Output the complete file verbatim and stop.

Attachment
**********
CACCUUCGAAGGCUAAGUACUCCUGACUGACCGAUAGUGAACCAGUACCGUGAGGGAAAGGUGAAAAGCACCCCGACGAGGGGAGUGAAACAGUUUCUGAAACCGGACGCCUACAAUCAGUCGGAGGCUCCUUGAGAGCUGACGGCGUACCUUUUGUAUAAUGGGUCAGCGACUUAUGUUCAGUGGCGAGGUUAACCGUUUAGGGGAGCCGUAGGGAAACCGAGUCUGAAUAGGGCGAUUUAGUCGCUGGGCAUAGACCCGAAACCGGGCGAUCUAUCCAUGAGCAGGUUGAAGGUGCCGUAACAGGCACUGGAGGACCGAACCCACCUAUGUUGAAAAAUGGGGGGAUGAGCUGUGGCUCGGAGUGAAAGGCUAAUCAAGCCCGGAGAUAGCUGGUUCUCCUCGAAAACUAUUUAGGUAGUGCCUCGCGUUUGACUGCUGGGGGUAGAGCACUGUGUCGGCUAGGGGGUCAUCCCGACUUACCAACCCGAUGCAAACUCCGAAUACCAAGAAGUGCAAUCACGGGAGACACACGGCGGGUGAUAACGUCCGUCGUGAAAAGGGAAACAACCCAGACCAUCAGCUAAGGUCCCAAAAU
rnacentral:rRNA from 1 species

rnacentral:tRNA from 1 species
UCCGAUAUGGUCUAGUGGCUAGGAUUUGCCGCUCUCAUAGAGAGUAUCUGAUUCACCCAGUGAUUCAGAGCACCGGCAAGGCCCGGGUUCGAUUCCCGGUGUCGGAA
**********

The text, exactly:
CACCUUCGAAGGCUAAGUACUCCUGACUGACCGAUAGUGAACCAGUACCGUGAGGGAAAGGUGAAAAGCACCCCGACGAGGGGAGUGAAACAGUUUCUGAAACCGGACGCCUACAAUCAGUCGGAGGCUCCUUGAGAGCUGACGGCGUACCUUUUGUAUAAUGGGUCAGCGACUUAUGUUCAGUGGCGAGGUUAACCGUUUAGGGGAGCCGUAGGGAAACCGAGUCUGAAUAGGGCGAUUUAGUCGCUGGGCAUAGACCCGAAACCGGGCGAUCUAUCCAUGAGCAGGUUGAAGGUGCCGUAACAGGCACUGGAGGACCGAACCCACCUAUGUUGAAAAAUGGGGGGAUGAGCUGUGGCUCGGAGUGAAAGGCUAAUCAAGCCCGGAGAUAGCUGGUUCUCCUCGAAAACUAUUUAGGUAGUGCCUCGCGUUUGACUGCUGGGGGUAGAGCACUGUGUCGGCUAGGGGGUCAUCCCGACUUACCAACCCGAUGCAAACUCCGAAUACCAAGAAGUGCAAUCACGGGAGACACACGGCGGGUGAUAACGUCCGUCGUGAAAAGGGAAACAACCCAGACCAUCAGCUAAGGUCCCAAAAU
rnacentral:rRNA from 1 species

rnacentral:tRNA from 1 species
UCCGAUAUGGUCUAGUGGCUAGGAUUUGCCGCUCUCAUAGAGAGUAUCUGAUUCACCCAGUGAUUCAGAGCACCGGCAAGGCCCGGGUUCGAUUCCCGGUGUCGGAA